and clientData, then the corresponding trace is removed. If no such
trace exists, then the call to Tcl_UntraceCommand has no effect. The
same bits are valid for flags as for calls to Tcl_TraceCommand.
Tcl_CommandTraceInfo may be used to retrieve information about traces
set on a given command. The return value from Tcl_CommandTraceInfo is
the clientData associated with a particular trace. The trace must be
on the command specified by the interp, cmdName, and flags arguments
(note that currently the flags are ignored; flags should be set to 0
for future compatibility) and its trace procedure must the same as the
proc argument. If the prevClientData argument is NULL then the return
value corresponds to the first (most recently created) matching trace,
or NULL if there are no matching traces. If the prevClientData argu‐
ment isn't NULL, then it should be the return value from a previous
call to Tcl_CommandTraceInfo. In this case, the new return value will
correspond to the next matching trace after the one whose clientData
matches prevClientData, or NULL if no trace matches prevClientData or
if there are no more matching traces after it. This mechanism makes it
possible to step through all of the traces for a given command that
have the same proc.
CALLING COMMANDS DURING TRACES
During rename traces, the command being renamed is visible with both
names simultaneously, and the command still exists during delete traces
(if TCL_INTERP_DESTROYED is not set). However, there is no mechanism
for signaling that an error occurred in a trace procedure, so great
care should be taken that errors do not get silently lost.
It is possible for multiple traces to exist on the same command. When
this happens, all of the trace procedures will be invoked on each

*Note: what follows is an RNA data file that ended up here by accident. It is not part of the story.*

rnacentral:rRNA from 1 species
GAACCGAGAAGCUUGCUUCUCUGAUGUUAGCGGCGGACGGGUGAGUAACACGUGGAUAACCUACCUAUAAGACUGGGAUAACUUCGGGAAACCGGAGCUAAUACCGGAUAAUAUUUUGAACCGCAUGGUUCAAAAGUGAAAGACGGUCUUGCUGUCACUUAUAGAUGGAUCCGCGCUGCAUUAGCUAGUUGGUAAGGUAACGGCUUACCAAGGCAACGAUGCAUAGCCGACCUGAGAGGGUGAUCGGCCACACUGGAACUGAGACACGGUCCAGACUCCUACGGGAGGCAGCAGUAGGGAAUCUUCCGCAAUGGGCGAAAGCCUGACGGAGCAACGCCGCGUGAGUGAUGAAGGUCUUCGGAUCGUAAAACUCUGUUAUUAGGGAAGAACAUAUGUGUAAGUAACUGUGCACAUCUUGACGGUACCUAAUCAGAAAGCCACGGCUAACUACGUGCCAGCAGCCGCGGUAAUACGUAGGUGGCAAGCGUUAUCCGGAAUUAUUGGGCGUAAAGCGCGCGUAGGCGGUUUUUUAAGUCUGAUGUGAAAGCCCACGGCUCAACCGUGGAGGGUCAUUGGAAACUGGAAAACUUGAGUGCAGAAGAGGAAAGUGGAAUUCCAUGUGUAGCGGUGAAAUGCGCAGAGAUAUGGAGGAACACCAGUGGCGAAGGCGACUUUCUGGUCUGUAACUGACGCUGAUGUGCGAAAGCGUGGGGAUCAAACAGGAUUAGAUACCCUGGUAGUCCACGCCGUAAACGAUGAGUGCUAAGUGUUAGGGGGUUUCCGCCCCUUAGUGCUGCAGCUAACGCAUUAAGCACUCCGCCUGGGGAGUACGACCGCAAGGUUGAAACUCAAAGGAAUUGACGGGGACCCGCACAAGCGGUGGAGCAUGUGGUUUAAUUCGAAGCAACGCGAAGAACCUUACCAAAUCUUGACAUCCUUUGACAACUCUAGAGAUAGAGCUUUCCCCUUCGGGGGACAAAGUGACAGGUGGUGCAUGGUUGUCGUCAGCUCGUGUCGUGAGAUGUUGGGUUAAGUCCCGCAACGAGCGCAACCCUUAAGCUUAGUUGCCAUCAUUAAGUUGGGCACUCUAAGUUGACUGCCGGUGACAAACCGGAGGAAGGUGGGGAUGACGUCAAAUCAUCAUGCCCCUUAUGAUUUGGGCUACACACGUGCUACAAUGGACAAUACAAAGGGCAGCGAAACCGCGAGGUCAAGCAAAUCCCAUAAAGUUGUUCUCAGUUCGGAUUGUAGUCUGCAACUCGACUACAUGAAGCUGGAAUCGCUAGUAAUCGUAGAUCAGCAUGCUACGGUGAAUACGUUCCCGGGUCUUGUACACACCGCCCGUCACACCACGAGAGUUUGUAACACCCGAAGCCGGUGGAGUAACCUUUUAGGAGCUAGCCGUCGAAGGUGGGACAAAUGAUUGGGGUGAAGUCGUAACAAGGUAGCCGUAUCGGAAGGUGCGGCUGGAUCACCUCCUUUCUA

access, in order from most-recently-created to least-recently-created.
Attempts to delete the command during a delete trace will fail
silently, since the command is already scheduled for deletion anyway.
If the command being renamed is renamed by one of its rename traces,
that renaming takes precedence over the one that triggered the trace
and the collection of traces will not be reexecuted; if several traces
rename the command, the last renaming takes precedence.
In a delete callback to proc, the TCL_TRACE_DESTROYED bit is set in
When an interpreter is destroyed, unset traces are called for all of
its commands. The TCL_INTERP_DESTROYED bit will be set in the flags
argument passed to the trace procedures. Trace procedures must be
extremely careful in what they do if the TCL_INTERP_DESTROYED bit is
set. It is not safe for the procedures to invoke any Tcl procedures on
the interpreter, since its state is partially deleted. All that trace
procedures should do under these circumstances is to clean up and free
their own internal data structures.
Tcl doesn't do any error checking to prevent trace procedures from mis‐
using the interpreter during traces with TCL_INTERP_DESTROYED set.
clientData, trace, command
Tcl 7.4 Tcl_TraceCommand(3)